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Yoan Moncada and Eloy Jiménez homered in the same game for the first time in what should be a long and productive partnership.
Granted, a lot a players homered during a lively night at Guaranteed Rate Field, but the point stands.
The White Sox and Royals mashed three homers apiece, much like toilet paper rolls, the value proposition wasn’t reflected by number of units alone. Kansas City’s were all one-ply, while the White Sox went for deluxe comfort with grooves. The Sox’ opening foray was a Jiménez grand slam, and the closer was a majestic Moncada two-run dinger that buried itself in the center field shrubbery some 452 feet away. Adam Engel’s opposite-field solo shot in between better reflected the absurdity of the conditions.
Iván Nova managed the basepaths better, and he and the White Sox bullpen put a lid on the proceedings after the early onslaught, so he beat fellow 9-12 starter Jakob Junis to a 10th victory of the season.
Nova absorbed three blows over the first two innings, with Adalberto Mondesi going deep first, and Alex Gordon and Ryan O’Hearn going back-to-back in the second. Despite three homers, the Royals trailed because of the damage inflicted by Jiménez.
Moncada set him up. Leury Garcia singled off the wall and Tim Anderson walked, but Jose Abreu struck out to threaten the rally. Up cam Moncada, who smoked a liner off Junis’ left wrist and reached on an infield single to load the bases.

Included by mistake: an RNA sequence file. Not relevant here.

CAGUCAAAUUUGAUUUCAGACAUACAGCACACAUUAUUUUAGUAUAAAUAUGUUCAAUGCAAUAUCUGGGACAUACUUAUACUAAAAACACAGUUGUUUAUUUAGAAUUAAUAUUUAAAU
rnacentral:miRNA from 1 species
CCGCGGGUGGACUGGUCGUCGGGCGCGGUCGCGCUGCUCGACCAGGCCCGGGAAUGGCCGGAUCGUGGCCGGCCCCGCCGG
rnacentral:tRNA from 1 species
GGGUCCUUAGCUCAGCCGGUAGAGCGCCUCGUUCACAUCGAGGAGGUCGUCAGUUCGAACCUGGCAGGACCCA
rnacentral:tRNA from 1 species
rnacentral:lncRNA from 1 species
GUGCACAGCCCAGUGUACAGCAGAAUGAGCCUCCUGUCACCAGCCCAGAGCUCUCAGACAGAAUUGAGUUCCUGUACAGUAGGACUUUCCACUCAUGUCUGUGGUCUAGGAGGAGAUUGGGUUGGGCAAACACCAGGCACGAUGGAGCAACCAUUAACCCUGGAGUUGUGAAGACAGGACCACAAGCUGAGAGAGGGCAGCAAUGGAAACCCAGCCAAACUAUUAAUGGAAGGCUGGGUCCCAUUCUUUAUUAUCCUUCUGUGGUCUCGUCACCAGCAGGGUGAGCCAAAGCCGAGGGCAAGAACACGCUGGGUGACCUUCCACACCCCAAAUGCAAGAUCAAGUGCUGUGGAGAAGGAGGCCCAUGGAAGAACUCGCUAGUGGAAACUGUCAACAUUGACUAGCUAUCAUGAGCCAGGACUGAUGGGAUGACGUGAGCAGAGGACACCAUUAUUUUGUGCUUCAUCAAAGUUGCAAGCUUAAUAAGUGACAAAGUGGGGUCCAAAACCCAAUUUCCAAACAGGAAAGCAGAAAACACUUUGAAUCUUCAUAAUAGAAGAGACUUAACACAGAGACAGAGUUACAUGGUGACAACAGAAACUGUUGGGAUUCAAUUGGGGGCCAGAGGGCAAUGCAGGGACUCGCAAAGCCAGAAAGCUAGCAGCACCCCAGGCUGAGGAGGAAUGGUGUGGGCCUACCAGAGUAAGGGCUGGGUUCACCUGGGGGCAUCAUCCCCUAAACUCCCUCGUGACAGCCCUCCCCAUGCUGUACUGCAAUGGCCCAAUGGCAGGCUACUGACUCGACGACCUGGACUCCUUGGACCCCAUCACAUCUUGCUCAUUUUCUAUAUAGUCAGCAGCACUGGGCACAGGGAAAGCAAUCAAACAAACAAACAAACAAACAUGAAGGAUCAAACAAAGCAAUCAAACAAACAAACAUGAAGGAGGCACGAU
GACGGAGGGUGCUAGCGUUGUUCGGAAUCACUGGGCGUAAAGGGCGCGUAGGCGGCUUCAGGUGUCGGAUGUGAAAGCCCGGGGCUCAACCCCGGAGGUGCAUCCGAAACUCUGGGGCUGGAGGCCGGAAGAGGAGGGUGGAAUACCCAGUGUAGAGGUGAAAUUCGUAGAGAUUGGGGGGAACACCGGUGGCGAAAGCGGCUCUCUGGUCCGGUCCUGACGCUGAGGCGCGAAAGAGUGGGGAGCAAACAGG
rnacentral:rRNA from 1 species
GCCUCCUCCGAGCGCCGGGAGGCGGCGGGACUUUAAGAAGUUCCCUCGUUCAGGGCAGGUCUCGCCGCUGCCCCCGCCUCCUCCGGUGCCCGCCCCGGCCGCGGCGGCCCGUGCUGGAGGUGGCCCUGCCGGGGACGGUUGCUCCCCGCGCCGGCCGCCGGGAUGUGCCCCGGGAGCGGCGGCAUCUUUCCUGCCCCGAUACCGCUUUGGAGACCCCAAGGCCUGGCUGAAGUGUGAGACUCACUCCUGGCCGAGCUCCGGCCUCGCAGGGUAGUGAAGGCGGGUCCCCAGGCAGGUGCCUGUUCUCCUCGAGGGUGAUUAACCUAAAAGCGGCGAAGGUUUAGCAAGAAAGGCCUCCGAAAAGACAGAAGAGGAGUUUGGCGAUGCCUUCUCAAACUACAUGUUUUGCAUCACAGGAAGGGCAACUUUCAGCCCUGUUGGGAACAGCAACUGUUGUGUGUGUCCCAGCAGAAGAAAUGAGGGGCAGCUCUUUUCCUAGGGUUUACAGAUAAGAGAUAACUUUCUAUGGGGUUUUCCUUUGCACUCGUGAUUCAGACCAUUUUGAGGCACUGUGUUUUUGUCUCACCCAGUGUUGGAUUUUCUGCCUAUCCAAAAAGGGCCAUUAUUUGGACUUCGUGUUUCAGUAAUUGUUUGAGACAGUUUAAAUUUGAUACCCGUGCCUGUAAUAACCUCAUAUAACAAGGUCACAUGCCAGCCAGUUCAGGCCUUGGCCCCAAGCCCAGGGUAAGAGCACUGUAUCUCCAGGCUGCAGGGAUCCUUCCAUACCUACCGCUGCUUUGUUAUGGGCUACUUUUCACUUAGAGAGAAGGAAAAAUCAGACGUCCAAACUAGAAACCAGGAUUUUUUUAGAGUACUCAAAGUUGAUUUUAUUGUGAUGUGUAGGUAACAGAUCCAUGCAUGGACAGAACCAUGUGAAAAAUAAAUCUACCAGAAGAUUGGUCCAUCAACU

Jiménez then unloaded them with a very 2019 homer, but also one that reflects his strength. He got underneath a sinker and sliced it into the visiting bullpen for his first MLB grand slam and a 4-1 lead, which the Sox didn’t relinquish.
While Engel’s homer was overshadowed by the Moncada moonshot off Kevan McCarthy in the seventh, it served the purpose of immediately answering KC’s two-run second and restoring a multi-run lead. Nova took it into the sixth, and four White Sox relievers took it the rest of the way.
*Moncada raised his average to .301 with a 3-for-4 night, and starred in an excellent album cover.
*Tim Anderson’s average dropped to .331 after going 0-for-4 with the walk, striking out twice. He also missed a chance to cash in on a fine ranging play to his right by throwing wide when he had more time, but he wasn’t charged with an error due to the degree of difficulty in gloving it. Still, that’s the kind of unmade play that makes it hard for him to address the deficit the error total creates.
*Anderson did make a slick turn on a fine 4-6-3 started by Yolmer Sánchez.
*Zack Collins explored a fourth true outcome by reaching on catcher interference.